It’s no secret that Belize and The Lodge at Chaa Creek have both been steadily growing in popularity.
It didn’t happen overnight, but it sure did happen. Evolving from a relatively unknown backwater to hot travel destination, Belize and Chaa Creek’s climb to worldwide recognition has been the Cinderella story of global tourism.
Unknown, unrecognised and passed over for more established, “sexier” Caribbean destinations, Belize suddenly became travel’s Belle of the Ball.
With Chaa Creek attracting many of her suitors.
Take, for example, two recent articles in the authoritative Caribbean Journal.
The first, with the heading, “Travellers Are Flocking to Belize Right Now,” uses Belize Tourism Board (BTB) figures to back up its opening statement that “Belize is one of the hottest destinations in the region right now,” and goes on to say that:
“The country on the Caribbean coast of Central America reported 14.6 percent growth in stayover arrivals last year, one of the fastest growth rates of any destination in the region in 2018 — lifting arrivals to a new record for the country.”
The article also points out that during the last decade, the number of those stayover visitors has doubled.
To handle this growing popularity, what Caribbean Journal describes as “a wave of new flights to the country” is catering to travellers with the likes of WestJet, Southwest, AeroMexico and Sun Country Airlines having recently expanded their service.
Of course, travellers to one of the world’s hottest destinations want a great place to stay, and that’s where Belize’s “Destination within the Destination” – The Lodge at Chaa Creek, comes in.
Which brings us to the second Caribbean Journal piece, “The Ten Best Belize Resorts.”
With most of the selections located on Belize’s cayes or Caribbean coast, one inland eco-resort stands out for the Caribbean Journal writers – The Lodge at Chaa Creek. This is how they describe it:
“A ‘wildly civilized” experience is what this secluded 400-acre nature reserve in the Cayo District promises its eco-sensitive guests, and that’s exactly what they get. The highlights: rustic-luxe cottages, villas, and suites; a hillside spa; a working farm; and an infinity pool, all topped off with superb service that create one of the ultimate Belize resorts.”
To fully appreciate the growth of this “wildly civilised” eco-resort, we need to step back in time.
During the 1970s, the word got out among backpackers, archaeologists, birders, adventurers and the odd traveller to Belize that, once you made it down the rough dirt track known ambitiously as Chial Road, Mick and Lucy Fleming would offer you a place to sleep and a plate of whatever meal Lucy had going on the stove that day.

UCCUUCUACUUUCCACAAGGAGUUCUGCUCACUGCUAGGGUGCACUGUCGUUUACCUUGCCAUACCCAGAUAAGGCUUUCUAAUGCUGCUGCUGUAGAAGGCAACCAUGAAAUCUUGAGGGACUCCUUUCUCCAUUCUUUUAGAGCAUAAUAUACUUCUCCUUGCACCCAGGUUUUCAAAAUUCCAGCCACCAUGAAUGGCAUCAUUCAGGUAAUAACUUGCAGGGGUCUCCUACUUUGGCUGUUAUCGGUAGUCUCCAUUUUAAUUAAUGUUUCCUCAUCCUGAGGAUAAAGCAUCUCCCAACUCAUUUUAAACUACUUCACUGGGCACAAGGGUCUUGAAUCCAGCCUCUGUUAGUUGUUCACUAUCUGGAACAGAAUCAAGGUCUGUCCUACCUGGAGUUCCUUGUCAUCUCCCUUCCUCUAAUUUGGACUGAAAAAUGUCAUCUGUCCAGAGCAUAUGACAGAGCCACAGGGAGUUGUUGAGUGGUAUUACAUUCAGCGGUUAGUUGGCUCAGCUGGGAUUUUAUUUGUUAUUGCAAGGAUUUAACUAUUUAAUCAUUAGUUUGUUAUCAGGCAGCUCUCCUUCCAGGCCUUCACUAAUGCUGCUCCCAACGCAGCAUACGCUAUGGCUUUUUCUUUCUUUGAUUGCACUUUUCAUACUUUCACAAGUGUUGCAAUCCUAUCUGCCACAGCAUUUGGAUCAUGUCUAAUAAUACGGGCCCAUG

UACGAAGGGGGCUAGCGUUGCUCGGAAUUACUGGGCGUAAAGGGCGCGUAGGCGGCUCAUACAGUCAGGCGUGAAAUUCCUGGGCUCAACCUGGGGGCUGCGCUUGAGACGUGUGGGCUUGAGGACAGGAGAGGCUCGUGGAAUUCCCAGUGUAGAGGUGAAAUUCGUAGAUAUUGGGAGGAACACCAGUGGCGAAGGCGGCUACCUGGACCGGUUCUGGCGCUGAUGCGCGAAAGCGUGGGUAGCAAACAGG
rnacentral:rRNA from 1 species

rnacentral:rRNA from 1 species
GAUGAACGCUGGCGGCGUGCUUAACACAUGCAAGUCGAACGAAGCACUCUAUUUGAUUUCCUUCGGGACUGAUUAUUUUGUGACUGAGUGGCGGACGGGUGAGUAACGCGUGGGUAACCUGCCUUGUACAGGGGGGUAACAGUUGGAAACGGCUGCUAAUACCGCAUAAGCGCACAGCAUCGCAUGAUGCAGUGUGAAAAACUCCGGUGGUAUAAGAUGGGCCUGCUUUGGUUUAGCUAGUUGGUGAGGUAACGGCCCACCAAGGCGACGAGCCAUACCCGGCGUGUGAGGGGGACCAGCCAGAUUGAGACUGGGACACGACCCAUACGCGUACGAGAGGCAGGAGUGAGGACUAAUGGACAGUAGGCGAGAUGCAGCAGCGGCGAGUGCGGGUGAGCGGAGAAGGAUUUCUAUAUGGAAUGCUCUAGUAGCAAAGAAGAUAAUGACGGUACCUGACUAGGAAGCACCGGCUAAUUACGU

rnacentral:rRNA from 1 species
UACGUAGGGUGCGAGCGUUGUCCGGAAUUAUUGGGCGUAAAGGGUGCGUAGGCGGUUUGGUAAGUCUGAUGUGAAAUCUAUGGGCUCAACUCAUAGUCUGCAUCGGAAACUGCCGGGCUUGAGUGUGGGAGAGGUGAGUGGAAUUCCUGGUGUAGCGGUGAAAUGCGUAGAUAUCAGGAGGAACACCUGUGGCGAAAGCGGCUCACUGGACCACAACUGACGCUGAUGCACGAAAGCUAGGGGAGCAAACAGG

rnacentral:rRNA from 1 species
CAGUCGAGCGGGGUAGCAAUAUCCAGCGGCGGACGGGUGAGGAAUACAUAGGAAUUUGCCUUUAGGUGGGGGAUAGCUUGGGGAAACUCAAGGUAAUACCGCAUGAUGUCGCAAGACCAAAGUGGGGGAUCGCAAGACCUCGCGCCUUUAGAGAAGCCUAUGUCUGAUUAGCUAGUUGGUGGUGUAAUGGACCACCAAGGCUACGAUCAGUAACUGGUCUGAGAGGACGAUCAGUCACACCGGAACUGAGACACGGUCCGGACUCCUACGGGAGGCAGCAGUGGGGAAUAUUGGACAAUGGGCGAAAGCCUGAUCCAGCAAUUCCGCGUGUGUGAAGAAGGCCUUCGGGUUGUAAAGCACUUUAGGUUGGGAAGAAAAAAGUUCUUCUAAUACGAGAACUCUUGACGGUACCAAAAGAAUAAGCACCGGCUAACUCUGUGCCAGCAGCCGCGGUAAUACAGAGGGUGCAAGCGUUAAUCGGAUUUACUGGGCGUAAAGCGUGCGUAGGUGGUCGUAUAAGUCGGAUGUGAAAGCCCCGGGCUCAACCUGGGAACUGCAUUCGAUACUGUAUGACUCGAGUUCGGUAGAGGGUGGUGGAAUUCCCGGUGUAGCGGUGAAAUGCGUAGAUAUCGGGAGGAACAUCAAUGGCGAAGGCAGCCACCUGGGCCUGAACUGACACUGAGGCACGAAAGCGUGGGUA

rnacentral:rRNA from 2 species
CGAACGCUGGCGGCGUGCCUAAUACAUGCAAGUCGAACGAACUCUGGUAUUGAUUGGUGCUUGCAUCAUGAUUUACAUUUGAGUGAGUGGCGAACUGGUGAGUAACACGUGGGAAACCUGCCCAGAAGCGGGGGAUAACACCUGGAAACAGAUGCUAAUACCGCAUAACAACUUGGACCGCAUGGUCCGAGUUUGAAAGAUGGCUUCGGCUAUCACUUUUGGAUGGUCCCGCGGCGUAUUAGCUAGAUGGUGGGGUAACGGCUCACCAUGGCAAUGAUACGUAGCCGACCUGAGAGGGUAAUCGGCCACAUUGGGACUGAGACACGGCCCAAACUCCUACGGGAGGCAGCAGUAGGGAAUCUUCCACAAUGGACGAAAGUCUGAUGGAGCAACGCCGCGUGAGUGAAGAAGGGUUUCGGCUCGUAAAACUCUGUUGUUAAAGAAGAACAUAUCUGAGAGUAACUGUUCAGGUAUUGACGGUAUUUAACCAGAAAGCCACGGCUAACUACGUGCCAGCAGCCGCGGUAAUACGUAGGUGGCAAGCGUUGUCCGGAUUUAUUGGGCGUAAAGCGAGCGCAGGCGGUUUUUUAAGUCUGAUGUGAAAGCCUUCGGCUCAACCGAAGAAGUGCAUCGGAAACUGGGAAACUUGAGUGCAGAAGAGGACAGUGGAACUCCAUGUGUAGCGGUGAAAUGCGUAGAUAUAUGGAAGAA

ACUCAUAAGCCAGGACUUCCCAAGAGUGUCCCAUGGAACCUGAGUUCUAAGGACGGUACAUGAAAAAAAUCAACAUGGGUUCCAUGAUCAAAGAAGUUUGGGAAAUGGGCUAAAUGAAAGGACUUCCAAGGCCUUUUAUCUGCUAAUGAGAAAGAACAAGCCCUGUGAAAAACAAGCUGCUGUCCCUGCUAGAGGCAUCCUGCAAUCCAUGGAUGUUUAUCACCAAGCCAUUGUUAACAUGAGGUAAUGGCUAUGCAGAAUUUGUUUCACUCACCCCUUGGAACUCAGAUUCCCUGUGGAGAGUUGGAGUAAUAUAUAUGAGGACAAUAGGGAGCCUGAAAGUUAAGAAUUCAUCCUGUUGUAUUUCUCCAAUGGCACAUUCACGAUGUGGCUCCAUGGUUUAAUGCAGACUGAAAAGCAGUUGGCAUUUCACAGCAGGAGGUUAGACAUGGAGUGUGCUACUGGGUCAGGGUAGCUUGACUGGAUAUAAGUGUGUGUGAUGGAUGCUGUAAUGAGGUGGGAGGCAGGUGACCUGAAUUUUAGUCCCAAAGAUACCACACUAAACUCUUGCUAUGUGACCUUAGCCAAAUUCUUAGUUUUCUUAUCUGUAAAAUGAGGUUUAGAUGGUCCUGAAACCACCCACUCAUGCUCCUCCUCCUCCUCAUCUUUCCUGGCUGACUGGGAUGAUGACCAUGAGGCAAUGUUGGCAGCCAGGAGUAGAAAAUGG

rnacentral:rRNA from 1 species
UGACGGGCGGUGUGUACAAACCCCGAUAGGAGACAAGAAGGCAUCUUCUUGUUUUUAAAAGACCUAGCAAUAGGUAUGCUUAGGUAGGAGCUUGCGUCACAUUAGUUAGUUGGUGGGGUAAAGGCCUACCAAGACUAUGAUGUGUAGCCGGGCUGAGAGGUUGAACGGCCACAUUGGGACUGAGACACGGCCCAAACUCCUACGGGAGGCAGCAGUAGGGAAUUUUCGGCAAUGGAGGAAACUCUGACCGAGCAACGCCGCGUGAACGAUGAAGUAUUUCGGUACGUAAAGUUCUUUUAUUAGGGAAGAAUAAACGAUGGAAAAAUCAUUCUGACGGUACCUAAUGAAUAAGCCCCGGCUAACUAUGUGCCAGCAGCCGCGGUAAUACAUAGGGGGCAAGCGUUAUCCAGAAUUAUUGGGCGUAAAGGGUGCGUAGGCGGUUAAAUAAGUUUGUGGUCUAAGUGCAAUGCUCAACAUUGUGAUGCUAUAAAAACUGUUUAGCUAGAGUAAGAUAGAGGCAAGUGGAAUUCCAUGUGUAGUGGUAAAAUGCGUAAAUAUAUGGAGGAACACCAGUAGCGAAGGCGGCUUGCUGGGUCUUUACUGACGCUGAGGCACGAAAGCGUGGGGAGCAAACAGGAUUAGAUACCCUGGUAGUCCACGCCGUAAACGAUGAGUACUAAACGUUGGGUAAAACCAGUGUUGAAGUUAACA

By 1981, just as Belize was becoming the America’s newest independent nation, so many people began arriving at the Fleming’s door that they began charging BZE$8.00 (US$4.00) a night for lodgings in a simple one room thatched-roof hut, and a plate of rice and beans.
Thus, Chaa Creek Cottages, Belize’s first eco-resort, was born as a twin to Belize, Central America’s newest nation.
Now comes the cool part:
As a new nation that just achieved independence from Great Britain, Belize was still a cash-strapped developing country with neither experience nor a realistic budget for marketing itself as a tourist destination.
Meanwhile, back in the then remote Cayo District, young adventurers Mick and Lucy, barely getting by with their dream of establishing an environmentally-sensitive farm, built a couple of cabins using material harvested from the surrounding jungle. Mick continued to farm and construct while Lucy looked after guests (and two new additions to the family), cooked, made yoghurt for the markets and posters and fliers to advertise Chaa Creek in San Ignacio Town and Belize City.
In those pre-internet days, both Belize and Chaa Creek relied on natural beauty, friendly, excellent service and positive word of mouth to attract visitors. And guess what?
Slowly but surely more and more people trickled in, and more local Belizeans set up “Mom and Pop”, grassroots hospitality businesses. Locals went from farming and fishing to become hoteliers, Maya temple, fishing and tour guides, and invested every hard-earned cent back into their various labours of love.
More people came, had great experiences, told their friends, and soon enough, especially after the Internet took off, “Mother Nature’s Best Kept Secret”, as Belize originally billed itself, was no longer a secret.
And now here comes the really cool part:
As a newly minted nation with a youthful government, and a new tourism industry comprised of local people instead of international conglomerates, environmental sustainability and social benefits were built into Belizean tourism.
This means that today, Belize is known for its commitment to sustainable tourism and The Lodge at Chaa Creek is one of the world’s most recognised and highly awarded eco-resorts, having – as one example – been recognised by National Geographic with first place honours at the 2017 World Legacy Awards presented in Berlin.
An unknown colonial backwater transformed into one of the world’s hottest travel destinations through hard work, positive word of mouth and a commitment to sustainable tourism and responsible travel?
Cinderella herself would say, “You’d better Belize it!”